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Book details of 'Using the Internet'

Cover of Using the Internet
TitleUsing the Internet
Author(s)Barbara Kasser
PublishedJune 1998
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The Virtual Bookcase Reviews of 'Using the Internet':

Reviewer Rob Slade wrote:
The first edition of this title that I reviewed was not impressive. I was, therefore, more than willing to pan this one. However, the author of this edition has added not only a fresh and readable voice, but an understanding of the net that can portray important concepts in clear language without simplifying to the point that accuracy is lost. Part one covers the fundamentals of the Internet. Chapter one is a basic introduction that manages to get across the crucial character of the net without once dragging in the Defense Advanced Research Projects Agency. Getting connected to the Internet covers a lot of ground, but chapter two does a good job of covering the major topics. It is, however, restricted to the specifics of Windows 95 release 2 with IE 4. While I still maintain that, for anyone who has used the Internet for any length of time, email is the killer application, for those coming to the net as newcomers these days the Web is what they have heard about. Both Netscape Navigator and Internet Explorer are briefly described in chapter three. Part two moves into actual use of the net. Again the Web takes pride of place and gets a solid introduction in chapter four. Search tools, both engines and directories, are described in chapter five. The discussion of files and downloading, in chapter six, is marred in several ways. The browser is the only downloading tool described, the section on viruses is extremely poor, ZIP is the only archive format mentioned, and the security concerns with component programs are not reviewed. Also, I am not sure why telnet is considered (and discarded) here. Part three looks at email and Usenet newsgroups. Chapter seven covers configuration of Outlook and Netscape. The management issues chapter eight covers are attachments, distribution lists, and mail folders. Chapter nine mentions other mail programs, but only describes Eudora Lite. Configuration and activities in Usenet news, and even the very useful DejaNews archive, are overviewed in chapter ten. Part four seems to be a bit of a grab bag. Chapter eleven is a very quick look at children's material and issues. Education gets a bit more space in chapter twelve. The material in chapter thirteen on job searching is much better than is found in most general works of this type. Online commerce is handled well in chapter fourteen, including the security issues surrounding cookies. The one caveat I should submit is that Internet shopping is not quite as easy, convenient, and available as the presentation may make it appear. I am nowhere near as enthusiastic about push technology as the author, but the information in chapter fifteen is useful if you want to explore it. I do not, however, know why people finders are listed at the end of it. Part five looks at real time communications, but in a limited way. Chapter sixteen does not really cover IRC (Internet Relay Chat) at all, even though MSChat will use it. Conferencing only uses the NetMeeting and Netscape Conference programs in chapter seventeen. There is essentially no coverage of Internet telephony, although CU- SeeMe gets a terse mention. Part six discusses producing content for the Web. Chapter eighteen walks through the generation of a personal Web page with page creation software. The important parts of getting a business up on the Web are covered, although there are lots of details that can't be included, in chapter nineteen. While the author does attempt to cover both the MS Internet Explorer and Netscape Navigator browsers, there is a definite Microsoft bias to the material. There are also numerous and very definite gaps in the coverage, even for the neophyte. However, as an introduction to the net, this is quite acceptable. copyright Robert M. Slade, 1998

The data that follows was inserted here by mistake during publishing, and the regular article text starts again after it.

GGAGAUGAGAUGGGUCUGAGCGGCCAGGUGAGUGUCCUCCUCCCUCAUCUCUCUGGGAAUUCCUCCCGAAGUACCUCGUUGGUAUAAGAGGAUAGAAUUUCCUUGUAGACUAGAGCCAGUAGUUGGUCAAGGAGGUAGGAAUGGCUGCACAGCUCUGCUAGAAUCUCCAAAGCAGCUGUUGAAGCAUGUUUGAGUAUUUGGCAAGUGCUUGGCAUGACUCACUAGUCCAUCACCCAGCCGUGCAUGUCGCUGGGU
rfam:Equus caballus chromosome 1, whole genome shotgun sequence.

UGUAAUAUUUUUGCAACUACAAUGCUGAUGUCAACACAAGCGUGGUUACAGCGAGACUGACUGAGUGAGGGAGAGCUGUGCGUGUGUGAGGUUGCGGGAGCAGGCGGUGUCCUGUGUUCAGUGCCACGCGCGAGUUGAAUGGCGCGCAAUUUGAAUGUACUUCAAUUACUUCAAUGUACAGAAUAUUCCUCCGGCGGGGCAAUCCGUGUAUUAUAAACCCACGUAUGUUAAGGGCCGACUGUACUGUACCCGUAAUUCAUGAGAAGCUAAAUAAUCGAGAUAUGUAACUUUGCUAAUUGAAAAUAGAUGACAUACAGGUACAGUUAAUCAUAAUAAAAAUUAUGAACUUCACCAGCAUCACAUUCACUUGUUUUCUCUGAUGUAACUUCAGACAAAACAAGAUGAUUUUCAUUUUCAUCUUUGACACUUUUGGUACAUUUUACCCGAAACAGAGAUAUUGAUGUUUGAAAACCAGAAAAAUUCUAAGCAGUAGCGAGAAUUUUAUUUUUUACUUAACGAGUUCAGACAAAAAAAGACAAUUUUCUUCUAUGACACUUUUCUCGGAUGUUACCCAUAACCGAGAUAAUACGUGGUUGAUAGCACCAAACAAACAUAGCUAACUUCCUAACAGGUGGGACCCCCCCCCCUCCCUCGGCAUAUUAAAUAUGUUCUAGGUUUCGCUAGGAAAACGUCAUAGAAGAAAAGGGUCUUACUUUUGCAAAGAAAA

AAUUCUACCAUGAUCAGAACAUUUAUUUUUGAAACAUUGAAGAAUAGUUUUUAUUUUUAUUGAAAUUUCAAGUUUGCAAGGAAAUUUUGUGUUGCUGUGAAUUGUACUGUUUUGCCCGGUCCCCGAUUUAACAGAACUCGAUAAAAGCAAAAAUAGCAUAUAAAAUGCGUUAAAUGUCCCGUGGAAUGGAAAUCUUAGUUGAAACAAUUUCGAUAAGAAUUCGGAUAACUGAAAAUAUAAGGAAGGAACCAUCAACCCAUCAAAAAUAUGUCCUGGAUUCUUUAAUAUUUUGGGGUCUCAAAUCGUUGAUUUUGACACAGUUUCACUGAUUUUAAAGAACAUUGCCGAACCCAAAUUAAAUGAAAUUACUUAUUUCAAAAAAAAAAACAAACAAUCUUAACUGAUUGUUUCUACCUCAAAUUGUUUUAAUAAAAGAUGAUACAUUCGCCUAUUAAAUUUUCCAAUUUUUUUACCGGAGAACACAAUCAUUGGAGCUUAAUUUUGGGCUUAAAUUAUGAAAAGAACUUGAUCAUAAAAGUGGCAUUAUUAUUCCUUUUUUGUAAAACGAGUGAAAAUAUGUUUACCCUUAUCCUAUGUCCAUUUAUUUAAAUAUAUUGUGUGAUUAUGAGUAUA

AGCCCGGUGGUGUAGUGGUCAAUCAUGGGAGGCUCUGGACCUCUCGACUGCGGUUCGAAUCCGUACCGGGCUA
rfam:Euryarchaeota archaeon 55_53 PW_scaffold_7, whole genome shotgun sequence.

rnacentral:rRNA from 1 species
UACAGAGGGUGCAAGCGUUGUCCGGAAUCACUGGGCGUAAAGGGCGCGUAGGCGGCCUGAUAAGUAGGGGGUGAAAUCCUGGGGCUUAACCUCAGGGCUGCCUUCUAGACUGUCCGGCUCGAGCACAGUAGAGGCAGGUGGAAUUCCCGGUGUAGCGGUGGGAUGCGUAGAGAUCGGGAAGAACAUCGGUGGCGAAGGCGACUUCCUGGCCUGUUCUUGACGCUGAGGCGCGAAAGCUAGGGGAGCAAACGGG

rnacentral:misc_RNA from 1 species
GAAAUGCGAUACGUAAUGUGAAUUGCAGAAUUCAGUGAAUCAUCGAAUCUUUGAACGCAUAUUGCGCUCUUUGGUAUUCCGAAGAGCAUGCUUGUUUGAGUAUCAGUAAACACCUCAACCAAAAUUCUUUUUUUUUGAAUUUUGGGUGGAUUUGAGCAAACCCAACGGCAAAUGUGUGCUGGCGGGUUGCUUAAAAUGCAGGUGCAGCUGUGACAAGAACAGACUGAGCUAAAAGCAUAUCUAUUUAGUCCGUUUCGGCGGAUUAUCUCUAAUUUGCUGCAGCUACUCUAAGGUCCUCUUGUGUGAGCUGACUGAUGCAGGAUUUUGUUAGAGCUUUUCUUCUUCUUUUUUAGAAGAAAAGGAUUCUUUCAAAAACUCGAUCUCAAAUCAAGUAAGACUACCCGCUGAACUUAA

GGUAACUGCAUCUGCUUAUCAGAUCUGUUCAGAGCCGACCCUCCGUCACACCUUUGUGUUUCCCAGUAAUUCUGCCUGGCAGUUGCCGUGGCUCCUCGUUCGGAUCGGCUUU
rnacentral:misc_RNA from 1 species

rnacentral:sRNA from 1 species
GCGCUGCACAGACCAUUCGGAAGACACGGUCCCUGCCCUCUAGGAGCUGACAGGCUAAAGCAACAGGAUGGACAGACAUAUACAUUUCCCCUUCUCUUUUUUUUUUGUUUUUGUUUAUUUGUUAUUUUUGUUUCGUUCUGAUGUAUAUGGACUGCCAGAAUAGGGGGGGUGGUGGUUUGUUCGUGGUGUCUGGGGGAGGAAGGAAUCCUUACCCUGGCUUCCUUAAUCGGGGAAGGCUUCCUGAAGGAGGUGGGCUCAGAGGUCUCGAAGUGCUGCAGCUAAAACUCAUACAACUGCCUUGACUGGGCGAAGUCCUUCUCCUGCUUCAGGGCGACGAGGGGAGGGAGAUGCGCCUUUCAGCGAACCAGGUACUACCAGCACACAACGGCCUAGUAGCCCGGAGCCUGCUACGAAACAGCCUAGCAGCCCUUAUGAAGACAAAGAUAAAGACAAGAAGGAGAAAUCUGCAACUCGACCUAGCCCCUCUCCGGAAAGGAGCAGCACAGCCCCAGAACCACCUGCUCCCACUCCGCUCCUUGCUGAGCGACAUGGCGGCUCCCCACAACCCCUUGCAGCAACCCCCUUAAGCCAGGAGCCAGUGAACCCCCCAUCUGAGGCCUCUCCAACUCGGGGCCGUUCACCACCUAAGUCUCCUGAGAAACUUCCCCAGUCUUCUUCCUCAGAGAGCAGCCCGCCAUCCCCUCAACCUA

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Book description:

This book helps the user who is interested in learning only what he needs to become more productive in his professional and personal life. Topics covered: what is the Internet, getting connected, choosing and using a browser, moving through the Web, searching for information on the Web, and getting software and files off the Web. Also covered are entertainment and hobbies, internet style, the Web for kids, the Internet as an educational resource, finding a new career, buying on the Web, getting news and information on the Web, incorporating the Web into your daily life, sending and receiving E-mail, joining a newsgroup, chatting across the Internet, conducting an Internet conference, creating your own Web site, and setting up a small business on the Web.

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